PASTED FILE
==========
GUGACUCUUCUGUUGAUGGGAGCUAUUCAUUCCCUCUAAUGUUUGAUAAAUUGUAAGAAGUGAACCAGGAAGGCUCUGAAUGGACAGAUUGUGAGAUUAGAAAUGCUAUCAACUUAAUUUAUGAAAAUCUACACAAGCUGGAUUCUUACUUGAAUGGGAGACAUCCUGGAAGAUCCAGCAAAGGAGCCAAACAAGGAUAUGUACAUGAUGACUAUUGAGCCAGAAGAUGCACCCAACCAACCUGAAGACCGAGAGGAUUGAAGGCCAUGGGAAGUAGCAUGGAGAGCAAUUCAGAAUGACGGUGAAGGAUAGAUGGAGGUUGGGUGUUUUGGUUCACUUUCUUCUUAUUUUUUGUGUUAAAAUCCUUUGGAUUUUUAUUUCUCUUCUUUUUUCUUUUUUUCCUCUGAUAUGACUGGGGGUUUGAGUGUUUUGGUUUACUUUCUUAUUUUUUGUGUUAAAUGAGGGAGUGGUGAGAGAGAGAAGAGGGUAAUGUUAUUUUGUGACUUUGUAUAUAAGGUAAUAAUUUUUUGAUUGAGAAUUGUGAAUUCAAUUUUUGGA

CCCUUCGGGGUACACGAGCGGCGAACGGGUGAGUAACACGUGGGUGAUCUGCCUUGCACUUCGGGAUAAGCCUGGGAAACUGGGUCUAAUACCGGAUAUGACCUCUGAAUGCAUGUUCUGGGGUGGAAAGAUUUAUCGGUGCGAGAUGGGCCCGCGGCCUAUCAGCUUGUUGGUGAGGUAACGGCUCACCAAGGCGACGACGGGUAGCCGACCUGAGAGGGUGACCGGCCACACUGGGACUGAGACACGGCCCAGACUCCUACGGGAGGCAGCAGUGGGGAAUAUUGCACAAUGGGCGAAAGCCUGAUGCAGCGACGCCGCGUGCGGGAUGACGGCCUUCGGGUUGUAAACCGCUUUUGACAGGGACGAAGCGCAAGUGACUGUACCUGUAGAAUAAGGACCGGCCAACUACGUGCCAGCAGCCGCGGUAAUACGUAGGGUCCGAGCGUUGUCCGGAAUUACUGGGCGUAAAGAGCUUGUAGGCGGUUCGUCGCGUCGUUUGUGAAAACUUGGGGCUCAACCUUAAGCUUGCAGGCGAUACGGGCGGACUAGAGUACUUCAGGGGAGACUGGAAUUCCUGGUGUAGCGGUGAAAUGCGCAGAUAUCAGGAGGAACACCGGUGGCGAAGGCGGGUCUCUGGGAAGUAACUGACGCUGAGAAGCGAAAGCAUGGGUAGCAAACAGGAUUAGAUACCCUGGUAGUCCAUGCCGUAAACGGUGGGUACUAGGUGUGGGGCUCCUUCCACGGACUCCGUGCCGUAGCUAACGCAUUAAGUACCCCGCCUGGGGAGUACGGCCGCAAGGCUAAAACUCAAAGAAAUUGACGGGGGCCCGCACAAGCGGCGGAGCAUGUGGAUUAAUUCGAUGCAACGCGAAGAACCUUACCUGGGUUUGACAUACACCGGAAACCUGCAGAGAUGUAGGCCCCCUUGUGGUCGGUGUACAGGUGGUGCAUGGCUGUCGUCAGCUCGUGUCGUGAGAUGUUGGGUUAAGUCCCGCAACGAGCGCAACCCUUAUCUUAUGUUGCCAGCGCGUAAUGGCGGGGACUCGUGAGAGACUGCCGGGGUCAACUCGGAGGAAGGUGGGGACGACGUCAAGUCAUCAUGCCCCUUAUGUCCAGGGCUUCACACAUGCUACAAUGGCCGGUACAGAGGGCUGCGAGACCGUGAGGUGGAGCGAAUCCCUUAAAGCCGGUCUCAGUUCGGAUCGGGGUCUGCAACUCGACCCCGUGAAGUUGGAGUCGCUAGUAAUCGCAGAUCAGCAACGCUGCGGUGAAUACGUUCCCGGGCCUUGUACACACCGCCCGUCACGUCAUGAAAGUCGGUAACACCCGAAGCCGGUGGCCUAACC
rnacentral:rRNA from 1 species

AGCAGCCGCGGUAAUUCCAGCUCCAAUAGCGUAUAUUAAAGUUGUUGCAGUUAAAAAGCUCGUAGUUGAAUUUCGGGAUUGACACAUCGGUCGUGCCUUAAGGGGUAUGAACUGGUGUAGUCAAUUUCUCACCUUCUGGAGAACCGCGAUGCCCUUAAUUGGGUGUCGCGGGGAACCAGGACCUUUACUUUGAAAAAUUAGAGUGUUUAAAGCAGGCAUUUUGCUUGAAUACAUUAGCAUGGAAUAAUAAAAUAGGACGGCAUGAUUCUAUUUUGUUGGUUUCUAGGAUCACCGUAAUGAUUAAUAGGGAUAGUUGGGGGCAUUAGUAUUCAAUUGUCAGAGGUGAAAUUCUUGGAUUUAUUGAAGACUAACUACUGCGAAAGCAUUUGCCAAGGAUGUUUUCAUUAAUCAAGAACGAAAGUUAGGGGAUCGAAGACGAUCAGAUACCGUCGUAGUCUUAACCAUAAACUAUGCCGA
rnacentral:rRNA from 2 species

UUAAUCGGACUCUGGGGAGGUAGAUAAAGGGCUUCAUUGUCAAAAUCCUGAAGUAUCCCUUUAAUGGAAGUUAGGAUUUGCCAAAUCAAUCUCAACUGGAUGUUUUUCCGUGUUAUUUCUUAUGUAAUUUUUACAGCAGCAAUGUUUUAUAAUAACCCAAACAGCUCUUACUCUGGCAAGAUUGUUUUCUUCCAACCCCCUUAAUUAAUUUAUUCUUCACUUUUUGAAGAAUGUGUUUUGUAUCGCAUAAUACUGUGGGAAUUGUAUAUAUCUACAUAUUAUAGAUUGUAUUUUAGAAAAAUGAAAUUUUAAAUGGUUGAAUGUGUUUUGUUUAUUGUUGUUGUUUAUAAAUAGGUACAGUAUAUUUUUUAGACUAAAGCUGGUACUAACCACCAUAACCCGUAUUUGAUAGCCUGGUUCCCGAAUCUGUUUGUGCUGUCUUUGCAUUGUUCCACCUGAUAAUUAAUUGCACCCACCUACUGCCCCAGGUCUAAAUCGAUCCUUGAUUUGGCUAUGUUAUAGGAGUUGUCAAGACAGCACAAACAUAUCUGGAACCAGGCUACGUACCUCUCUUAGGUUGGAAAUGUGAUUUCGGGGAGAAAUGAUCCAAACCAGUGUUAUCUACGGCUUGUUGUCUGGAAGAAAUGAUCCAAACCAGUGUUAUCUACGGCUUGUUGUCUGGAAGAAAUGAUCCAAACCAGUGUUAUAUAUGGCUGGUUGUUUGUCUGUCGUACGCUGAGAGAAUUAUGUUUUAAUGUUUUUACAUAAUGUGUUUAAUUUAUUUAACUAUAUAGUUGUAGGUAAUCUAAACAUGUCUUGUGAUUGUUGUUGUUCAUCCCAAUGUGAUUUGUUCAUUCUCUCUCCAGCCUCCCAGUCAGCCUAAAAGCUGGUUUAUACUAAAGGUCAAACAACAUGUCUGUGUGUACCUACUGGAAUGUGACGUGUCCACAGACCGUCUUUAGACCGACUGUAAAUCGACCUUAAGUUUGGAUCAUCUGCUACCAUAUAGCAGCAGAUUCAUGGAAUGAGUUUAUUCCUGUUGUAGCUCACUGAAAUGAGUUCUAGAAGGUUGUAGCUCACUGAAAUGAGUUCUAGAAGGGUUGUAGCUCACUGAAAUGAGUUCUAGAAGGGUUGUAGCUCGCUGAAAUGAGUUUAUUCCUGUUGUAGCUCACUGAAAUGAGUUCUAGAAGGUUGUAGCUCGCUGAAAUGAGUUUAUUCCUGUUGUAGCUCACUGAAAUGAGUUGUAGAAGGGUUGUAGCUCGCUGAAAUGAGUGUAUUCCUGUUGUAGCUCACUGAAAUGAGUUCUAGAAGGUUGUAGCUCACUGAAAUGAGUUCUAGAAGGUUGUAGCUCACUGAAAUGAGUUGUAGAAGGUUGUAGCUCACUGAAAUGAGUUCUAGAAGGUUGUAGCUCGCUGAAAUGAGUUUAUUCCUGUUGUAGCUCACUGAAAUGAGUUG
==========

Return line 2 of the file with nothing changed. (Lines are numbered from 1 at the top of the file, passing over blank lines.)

CCCUUCGGGGUACACGAGCGGCGAACGGGUGAGUAACACGUGGGUGAUCUGCCUUGCACUUCGGGAUAAGCCUGGGAAACUGGGUCUAAUACCGGAUAUGACCUCUGAAUGCAUGUUCUGGGGUGGAAAGAUUUAUCGGUGCGAGAUGGGCCCGCGGCCUAUCAGCUUGUUGGUGAGGUAACGGCUCACCAAGGCGACGACGGGUAGCCGACCUGAGAGGGUGACCGGCCACACUGGGACUGAGACACGGCCCAGACUCCUACGGGAGGCAGCAGUGGGGAAUAUUGCACAAUGGGCGAAAGCCUGAUGCAGCGACGCCGCGUGCGGGAUGACGGCCUUCGGGUUGUAAACCGCUUUUGACAGGGACGAAGCGCAAGUGACUGUACCUGUAGAAUAAGGACCGGCCAACUACGUGCCAGCAGCCGCGGUAAUACGUAGGGUCCGAGCGUUGUCCGGAAUUACUGGGCGUAAAGAGCUUGUAGGCGGUUCGUCGCGUCGUUUGUGAAAACUUGGGGCUCAACCUUAAGCUUGCAGGCGAUACGGGCGGACUAGAGUACUUCAGGGGAGACUGGAAUUCCUGGUGUAGCGGUGAAAUGCGCAGAUAUCAGGAGGAACACCGGUGGCGAAGGCGGGUCUCUGGGAAGUAACUGACGCUGAGAAGCGAAAGCAUGGGUAGCAAACAGGAUUAGAUACCCUGGUAGUCCAUGCCGUAAACGGUGGGUACUAGGUGUGGGGCUCCUUCCACGGACUCCGUGCCGUAGCUAACGCAUUAAGUACCCCGCCUGGGGAGUACGGCCGCAAGGCUAAAACUCAAAGAAAUUGACGGGGGCCCGCACAAGCGGCGGAGCAUGUGGAUUAAUUCGAUGCAACGCGAAGAACCUUACCUGGGUUUGACAUACACCGGAAACCUGCAGAGAUGUAGGCCCCCUUGUGGUCGGUGUACAGGUGGUGCAUGGCUGUCGUCAGCUCGUGUCGUGAGAUGUUGGGUUAAGUCCCGCAACGAGCGCAACCCUUAUCUUAUGUUGCCAGCGCGUAAUGGCGGGGACUCGUGAGAGACUGCCGGGGUCAACUCGGAGGAAGGUGGGGACGACGUCAAGUCAUCAUGCCCCUUAUGUCCAGGGCUUCACACAUGCUACAAUGGCCGGUACAGAGGGCUGCGAGACCGUGAGGUGGAGCGAAUCCCUUAAAGCCGGUCUCAGUUCGGAUCGGGGUCUGCAACUCGACCCCGUGAAGUUGGAGUCGCUAGUAAUCGCAGAUCAGCAACGCUGCGGUGAAUACGUUCCCGGGCCUUGUACACACCGCCCGUCACGUCAUGAAAGUCGGUAACACCCGAAGCCGGUGGCCUAACC